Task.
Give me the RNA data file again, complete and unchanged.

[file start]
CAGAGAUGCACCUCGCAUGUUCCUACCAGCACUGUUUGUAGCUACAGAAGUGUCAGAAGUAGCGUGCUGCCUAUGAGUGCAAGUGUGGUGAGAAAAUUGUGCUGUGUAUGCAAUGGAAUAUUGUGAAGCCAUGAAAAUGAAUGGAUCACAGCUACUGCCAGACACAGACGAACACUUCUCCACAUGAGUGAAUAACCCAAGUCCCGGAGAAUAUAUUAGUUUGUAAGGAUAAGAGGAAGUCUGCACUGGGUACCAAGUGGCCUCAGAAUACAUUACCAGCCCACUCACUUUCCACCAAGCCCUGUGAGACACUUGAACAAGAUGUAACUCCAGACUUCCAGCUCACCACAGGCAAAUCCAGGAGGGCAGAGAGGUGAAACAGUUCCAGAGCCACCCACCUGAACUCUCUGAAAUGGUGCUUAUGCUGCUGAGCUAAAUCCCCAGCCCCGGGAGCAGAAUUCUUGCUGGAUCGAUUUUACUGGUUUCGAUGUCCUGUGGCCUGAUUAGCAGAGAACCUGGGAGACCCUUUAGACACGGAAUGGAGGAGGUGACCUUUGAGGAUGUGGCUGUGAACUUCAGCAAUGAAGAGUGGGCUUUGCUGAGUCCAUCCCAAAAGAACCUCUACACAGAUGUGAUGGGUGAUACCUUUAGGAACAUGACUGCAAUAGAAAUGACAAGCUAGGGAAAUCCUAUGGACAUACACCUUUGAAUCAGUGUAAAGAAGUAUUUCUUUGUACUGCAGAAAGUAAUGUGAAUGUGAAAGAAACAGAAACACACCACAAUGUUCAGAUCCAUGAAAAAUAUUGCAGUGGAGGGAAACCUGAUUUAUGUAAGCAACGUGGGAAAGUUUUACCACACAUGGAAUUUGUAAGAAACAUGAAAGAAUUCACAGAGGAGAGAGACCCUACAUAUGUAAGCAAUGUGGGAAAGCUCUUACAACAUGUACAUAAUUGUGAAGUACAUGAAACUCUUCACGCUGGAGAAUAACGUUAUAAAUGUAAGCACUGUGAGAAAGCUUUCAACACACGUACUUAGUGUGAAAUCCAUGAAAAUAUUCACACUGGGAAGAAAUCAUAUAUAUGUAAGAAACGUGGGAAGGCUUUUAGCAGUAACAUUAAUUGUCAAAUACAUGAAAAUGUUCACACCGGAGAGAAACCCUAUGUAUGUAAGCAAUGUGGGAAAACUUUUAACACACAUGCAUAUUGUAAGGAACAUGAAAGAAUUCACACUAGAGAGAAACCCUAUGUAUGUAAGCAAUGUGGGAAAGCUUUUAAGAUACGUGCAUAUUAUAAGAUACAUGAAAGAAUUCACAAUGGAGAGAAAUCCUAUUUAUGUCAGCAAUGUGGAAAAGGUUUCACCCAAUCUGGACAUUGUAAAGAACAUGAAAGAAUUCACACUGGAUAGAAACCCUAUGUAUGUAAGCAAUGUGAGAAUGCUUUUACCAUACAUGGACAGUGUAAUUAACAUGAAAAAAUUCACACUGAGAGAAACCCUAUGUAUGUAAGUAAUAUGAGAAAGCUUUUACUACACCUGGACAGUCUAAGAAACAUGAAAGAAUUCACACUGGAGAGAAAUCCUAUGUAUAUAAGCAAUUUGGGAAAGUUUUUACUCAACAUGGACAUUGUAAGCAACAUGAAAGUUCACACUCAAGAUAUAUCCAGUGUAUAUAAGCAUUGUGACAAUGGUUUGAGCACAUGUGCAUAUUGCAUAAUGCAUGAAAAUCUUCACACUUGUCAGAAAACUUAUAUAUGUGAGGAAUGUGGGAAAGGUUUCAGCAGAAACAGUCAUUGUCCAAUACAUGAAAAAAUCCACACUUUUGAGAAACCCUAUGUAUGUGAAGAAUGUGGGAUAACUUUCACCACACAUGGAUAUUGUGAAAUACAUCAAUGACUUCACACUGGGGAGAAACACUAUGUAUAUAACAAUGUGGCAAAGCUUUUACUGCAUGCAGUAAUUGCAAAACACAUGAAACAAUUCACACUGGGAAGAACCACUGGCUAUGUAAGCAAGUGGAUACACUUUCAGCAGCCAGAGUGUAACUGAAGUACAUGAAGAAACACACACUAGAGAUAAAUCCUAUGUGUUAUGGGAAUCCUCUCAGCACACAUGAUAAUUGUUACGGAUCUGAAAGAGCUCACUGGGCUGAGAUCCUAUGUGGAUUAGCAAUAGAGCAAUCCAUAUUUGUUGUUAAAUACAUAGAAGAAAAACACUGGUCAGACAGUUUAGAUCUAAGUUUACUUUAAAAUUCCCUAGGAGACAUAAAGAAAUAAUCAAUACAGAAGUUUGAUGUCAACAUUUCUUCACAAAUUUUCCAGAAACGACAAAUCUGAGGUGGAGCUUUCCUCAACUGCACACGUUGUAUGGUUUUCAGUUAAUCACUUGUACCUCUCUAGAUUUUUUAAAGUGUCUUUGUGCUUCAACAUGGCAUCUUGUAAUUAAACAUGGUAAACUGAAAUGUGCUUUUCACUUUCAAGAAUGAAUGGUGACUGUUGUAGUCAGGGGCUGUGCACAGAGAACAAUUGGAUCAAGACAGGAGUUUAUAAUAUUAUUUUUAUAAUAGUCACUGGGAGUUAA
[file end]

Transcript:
CAGAGAUGCACCUCGCAUGUUCCUACCAGCACUGUUUGUAGCUACAGAAGUGUCAGAAGUAGCGUGCUGCCUAUGAGUGCAAGUGUGGUGAGAAAAUUGUGCUGUGUAUGCAAUGGAAUAUUGUGAAGCCAUGAAAAUGAAUGGAUCACAGCUACUGCCAGACACAGACGAACACUUCUCCACAUGAGUGAAUAACCCAAGUCCCGGAGAAUAUAUUAGUUUGUAAGGAUAAGAGGAAGUCUGCACUGGGUACCAAGUGGCCUCAGAAUACAUUACCAGCCCACUCACUUUCCACCAAGCCCUGUGAGACACUUGAACAAGAUGUAACUCCAGACUUCCAGCUCACCACAGGCAAAUCCAGGAGGGCAGAGAGGUGAAACAGUUCCAGAGCCACCCACCUGAACUCUCUGAAAUGGUGCUUAUGCUGCUGAGCUAAAUCCCCAGCCCCGGGAGCAGAAUUCUUGCUGGAUCGAUUUUACUGGUUUCGAUGUCCUGUGGCCUGAUUAGCAGAGAACCUGGGAGACCCUUUAGACACGGAAUGGAGGAGGUGACCUUUGAGGAUGUGGCUGUGAACUUCAGCAAUGAAGAGUGGGCUUUGCUGAGUCCAUCCCAAAAGAACCUCUACACAGAUGUGAUGGGUGAUACCUUUAGGAACAUGACUGCAAUAGAAAUGACAAGCUAGGGAAAUCCUAUGGACAUACACCUUUGAAUCAGUGUAAAGAAGUAUUUCUUUGUACUGCAGAAAGUAAUGUGAAUGUGAAAGAAACAGAAACACACCACAAUGUUCAGAUCCAUGAAAAAUAUUGCAGUGGAGGGAAACCUGAUUUAUGUAAGCAACGUGGGAAAGUUUUACCACACAUGGAAUUUGUAAGAAACAUGAAAGAAUUCACAGAGGAGAGAGACCCUACAUAUGUAAGCAAUGUGGGAAAGCUCUUACAACAUGUACAUAAUUGUGAAGUACAUGAAACUCUUCACGCUGGAGAAUAACGUUAUAAAUGUAAGCACUGUGAGAAAGCUUUCAACACACGUACUUAGUGUGAAAUCCAUGAAAAUAUUCACACUGGGAAGAAAUCAUAUAUAUGUAAGAAACGUGGGAAGGCUUUUAGCAGUAACAUUAAUUGUCAAAUACAUGAAAAUGUUCACACCGGAGAGAAACCCUAUGUAUGUAAGCAAUGUGGGAAAACUUUUAACACACAUGCAUAUUGUAAGGAACAUGAAAGAAUUCACACUAGAGAGAAACCCUAUGUAUGUAAGCAAUGUGGGAAAGCUUUUAAGAUACGUGCAUAUUAUAAGAUACAUGAAAGAAUUCACAAUGGAGAGAAAUCCUAUUUAUGUCAGCAAUGUGGAAAAGGUUUCACCCAAUCUGGACAUUGUAAAGAACAUGAAAGAAUUCACACUGGAUAGAAACCCUAUGUAUGUAAGCAAUGUGAGAAUGCUUUUACCAUACAUGGACAGUGUAAUUAACAUGAAAAAAUUCACACUGAGAGAAACCCUAUGUAUGUAAGUAAUAUGAGAAAGCUUUUACUACACCUGGACAGUCUAAGAAACAUGAAAGAAUUCACACUGGAGAGAAAUCCUAUGUAUAUAAGCAAUUUGGGAAAGUUUUUACUCAACAUGGACAUUGUAAGCAACAUGAAAGUUCACACUCAAGAUAUAUCCAGUGUAUAUAAGCAUUGUGACAAUGGUUUGAGCACAUGUGCAUAUUGCAUAAUGCAUGAAAAUCUUCACACUUGUCAGAAAACUUAUAUAUGUGAGGAAUGUGGGAAAGGUUUCAGCAGAAACAGUCAUUGUCCAAUACAUGAAAAAAUCCACACUUUUGAGAAACCCUAUGUAUGUGAAGAAUGUGGGAUAACUUUCACCACACAUGGAUAUUGUGAAAUACAUCAAUGACUUCACACUGGGGAGAAACACUAUGUAUAUAACAAUGUGGCAAAGCUUUUACUGCAUGCAGUAAUUGCAAAACACAUGAAACAAUUCACACUGGGAAGAACCACUGGCUAUGUAAGCAAGUGGAUACACUUUCAGCAGCCAGAGUGUAACUGAAGUACAUGAAGAAACACACACUAGAGAUAAAUCCUAUGUGUUAUGGGAAUCCUCUCAGCACACAUGAUAAUUGUUACGGAUCUGAAAGAGCUCACUGGGCUGAGAUCCUAUGUGGAUUAGCAAUAGAGCAAUCCAUAUUUGUUGUUAAAUACAUAGAAGAAAAACACUGGUCAGACAGUUUAGAUCUAAGUUUACUUUAAAAUUCCCUAGGAGACAUAAAGAAAUAAUCAAUACAGAAGUUUGAUGUCAACAUUUCUUCACAAAUUUUCCAGAAACGACAAAUCUGAGGUGGAGCUUUCCUCAACUGCACACGUUGUAUGGUUUUCAGUUAAUCACUUGUACCUCUCUAGAUUUUUUAAAGUGUCUUUGUGCUUCAACAUGGCAUCUUGUAAUUAAACAUGGUAAACUGAAAUGUGCUUUUCACUUUCAAGAAUGAAUGGUGACUGUUGUAGUCAGGGGCUGUGCACAGAGAACAAUUGGAUCAAGACAGGAGUUUAUAAUAUUAUUUUUAUAAUAGUCACUGGGAGUUAA